Anchored by Jake Tapper, The Lead airs at 4 p.m. ET on CNN.
House Minority Leader Nancy Pelosi on the budget deal, the hold on immigration reform, and more.
It has been a long ten months since we left Don Draper at the bar. But this Sunday, millions will return to the offices of Sterling Cooper Draper Price for the season six premiere of "Mad Men" on AMC.
Series creator Matthew Weiner invited "The Lead" to come early. We got a behind-the-scenes look at the incredibly detailed office of Don Draper, and the set. The team behind "Mad Men" meticulously researches every vintage detail of Don Draper's environment. It can get a little crazy. Inside a market research report for Samsonite were detailed memos, and a job sheet.
"Growing up and watching people on TV and movies, actors, pick up suitcases to leave and seeing that they were empty, and I always thought, like, the actors can tell they're empty. And they know they're not going anywhere," said Weiner. "Maybe because I'm not an actor, and I don't know how they use their imagination to create three dimensional space, I wanted the set to be detailed, always."
The details matter. Since it premiered in 2007, "Mad Men" has received 15 Emmy awards and four Golden Globes. It also changed the game for AMC, paving the way for the high-brow scripted series that are now taking over cable TV.
HBO originally passed on the show, but it was the HBO series Weiner previously wrote for that he cited as a model for "Mad Men."
"I feel very lucky to be working in television right now. There is none of it without "The Sopranos." It really was both the creative and the business model," said Weiner. "In fact, AMC was very consciously trying to recreate that business model when they bought "Mad Men.""
HBO has expressed regret for passing on the show, and what a story they've missed. Heavy drinking, heavy petting, and heavy drama have kept viewers tuned in to a bygone era for five seasons.
Last season, there were some real changes with the women characters.
"Did women have it harder? Yes. Were there women pioneers? Yes. Were there exceptions to every rule? Yes. How did someone succeed in that world? I think the show resonates because things are not that different," says Weiner. "I don't want people to get a history lesson. I want people to know that these people could be their mothers."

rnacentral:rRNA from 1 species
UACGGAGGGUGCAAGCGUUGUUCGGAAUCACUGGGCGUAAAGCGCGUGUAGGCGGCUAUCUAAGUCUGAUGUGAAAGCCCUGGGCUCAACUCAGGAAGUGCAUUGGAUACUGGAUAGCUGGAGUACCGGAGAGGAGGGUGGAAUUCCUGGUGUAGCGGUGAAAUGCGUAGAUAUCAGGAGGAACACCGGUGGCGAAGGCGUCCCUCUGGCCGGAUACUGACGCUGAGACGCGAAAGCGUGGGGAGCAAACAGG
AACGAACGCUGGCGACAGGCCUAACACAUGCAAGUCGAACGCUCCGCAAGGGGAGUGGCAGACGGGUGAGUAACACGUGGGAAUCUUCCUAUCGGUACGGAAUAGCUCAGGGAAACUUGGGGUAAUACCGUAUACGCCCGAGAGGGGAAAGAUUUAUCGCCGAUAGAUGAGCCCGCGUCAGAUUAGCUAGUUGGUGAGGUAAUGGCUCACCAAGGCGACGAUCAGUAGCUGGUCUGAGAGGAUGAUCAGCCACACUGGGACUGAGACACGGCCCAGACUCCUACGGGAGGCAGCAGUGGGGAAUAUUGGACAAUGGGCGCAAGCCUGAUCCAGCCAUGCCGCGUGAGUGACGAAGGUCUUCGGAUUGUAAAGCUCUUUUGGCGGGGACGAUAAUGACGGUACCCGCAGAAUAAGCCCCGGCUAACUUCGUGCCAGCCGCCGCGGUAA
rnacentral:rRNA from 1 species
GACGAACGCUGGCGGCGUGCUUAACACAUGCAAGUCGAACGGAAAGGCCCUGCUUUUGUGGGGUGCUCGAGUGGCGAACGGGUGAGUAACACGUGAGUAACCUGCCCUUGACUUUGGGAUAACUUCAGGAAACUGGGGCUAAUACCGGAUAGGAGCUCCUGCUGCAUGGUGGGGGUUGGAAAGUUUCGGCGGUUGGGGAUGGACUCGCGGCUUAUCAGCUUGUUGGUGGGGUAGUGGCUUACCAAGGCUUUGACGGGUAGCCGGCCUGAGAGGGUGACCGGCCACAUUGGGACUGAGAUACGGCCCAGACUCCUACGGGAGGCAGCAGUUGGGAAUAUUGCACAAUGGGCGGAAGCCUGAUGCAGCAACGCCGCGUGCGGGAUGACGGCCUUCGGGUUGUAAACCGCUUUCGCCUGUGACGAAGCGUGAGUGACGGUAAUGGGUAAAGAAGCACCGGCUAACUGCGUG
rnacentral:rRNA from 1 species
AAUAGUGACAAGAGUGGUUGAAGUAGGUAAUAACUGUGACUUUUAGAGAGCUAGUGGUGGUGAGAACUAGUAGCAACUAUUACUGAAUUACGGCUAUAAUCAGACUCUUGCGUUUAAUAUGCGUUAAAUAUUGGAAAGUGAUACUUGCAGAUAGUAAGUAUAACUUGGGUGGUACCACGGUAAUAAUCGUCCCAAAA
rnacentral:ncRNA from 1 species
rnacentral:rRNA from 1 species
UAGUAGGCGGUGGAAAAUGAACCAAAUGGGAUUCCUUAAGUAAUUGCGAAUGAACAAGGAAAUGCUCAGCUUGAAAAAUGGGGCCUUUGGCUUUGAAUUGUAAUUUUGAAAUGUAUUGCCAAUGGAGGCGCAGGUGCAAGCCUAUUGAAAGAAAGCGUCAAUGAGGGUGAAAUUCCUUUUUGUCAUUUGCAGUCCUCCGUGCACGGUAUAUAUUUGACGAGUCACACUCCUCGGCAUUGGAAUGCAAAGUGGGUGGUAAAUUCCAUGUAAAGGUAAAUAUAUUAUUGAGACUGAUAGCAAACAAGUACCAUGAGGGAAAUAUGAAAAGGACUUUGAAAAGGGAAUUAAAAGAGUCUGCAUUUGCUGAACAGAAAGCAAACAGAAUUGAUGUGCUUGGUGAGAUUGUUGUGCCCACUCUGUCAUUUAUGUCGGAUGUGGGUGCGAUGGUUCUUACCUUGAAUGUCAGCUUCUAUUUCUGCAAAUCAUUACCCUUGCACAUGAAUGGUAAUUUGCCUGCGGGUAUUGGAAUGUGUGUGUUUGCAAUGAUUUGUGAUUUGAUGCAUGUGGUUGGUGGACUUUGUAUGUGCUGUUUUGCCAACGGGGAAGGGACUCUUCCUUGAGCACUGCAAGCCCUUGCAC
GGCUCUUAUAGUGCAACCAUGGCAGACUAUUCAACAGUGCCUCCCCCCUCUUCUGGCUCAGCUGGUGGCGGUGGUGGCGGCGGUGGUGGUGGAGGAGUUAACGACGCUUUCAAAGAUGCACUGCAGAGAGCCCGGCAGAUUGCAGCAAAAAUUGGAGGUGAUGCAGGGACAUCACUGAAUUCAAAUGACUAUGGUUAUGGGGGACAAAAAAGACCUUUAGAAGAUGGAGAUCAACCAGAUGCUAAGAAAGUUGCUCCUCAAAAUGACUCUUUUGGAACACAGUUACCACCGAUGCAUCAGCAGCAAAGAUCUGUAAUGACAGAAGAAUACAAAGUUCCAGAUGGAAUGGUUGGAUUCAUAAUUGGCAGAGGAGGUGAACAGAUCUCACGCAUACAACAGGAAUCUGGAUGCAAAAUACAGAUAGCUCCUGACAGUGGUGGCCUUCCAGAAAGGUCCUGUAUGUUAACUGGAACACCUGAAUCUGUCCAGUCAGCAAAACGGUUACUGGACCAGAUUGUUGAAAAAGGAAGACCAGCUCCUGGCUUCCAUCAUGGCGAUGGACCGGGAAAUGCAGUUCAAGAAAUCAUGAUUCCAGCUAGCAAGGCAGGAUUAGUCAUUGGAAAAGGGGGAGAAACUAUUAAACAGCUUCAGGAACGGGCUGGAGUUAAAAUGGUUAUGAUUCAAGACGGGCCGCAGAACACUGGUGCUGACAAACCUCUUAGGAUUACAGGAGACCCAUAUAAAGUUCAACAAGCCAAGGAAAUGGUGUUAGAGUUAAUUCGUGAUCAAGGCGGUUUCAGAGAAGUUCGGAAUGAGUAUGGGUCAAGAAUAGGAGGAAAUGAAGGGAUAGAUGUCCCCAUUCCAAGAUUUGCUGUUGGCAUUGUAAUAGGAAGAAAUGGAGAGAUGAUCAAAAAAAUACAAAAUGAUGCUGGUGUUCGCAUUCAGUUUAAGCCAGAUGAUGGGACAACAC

The dark heart of "Mad Men" is mysterious, womanizing adman Don Draper, a character who in many ways appears to be a loner. Indeed the last line from last season's finale is a woman asking a silhouetted Draper, "Are you alone?"
"I think it's a big part of his life, yeah. And the ambiguity of that statement after we've seen this man having found love and seemingly left alone, I think, you know, there's an existential quality to him as a hero ... An existential quality that will soon enough come to an end," says Weiner.
The upcoming season is the second-to-last one.
"The reality of it is that the show has a life span. It is mortal," said Weiner. "You really want to end it before you've exceeded the ability to tell a story."
Weiner's previous show, "The Sopranos," literally kept viewers in the dark as to whether the family got whacked.
"It was so provocative," says Weiner of that show's ending, adding if he had thought of it, he would end "Mad Men" in a similar fashion, "but it's been done. So I will not."
The show creator added he will try "to use the machinery of my show to give a satisfying ending."
"The idea that people wouldn't like it would bother me," says Weiner.
This Sunday, the "Mad Men" premier is two hours long. Weiner calls it a movie to whet fans' appetites.
"There is a sense that someone like Don, and seeing the world through Don's eyes, who is now 40, is going to become out of touch," said Weiner. "And it's really the story for all of the characters. They're all sort of moving towards some kind of hopefully reconciliation with who they are, but there's quite a fire to walk through."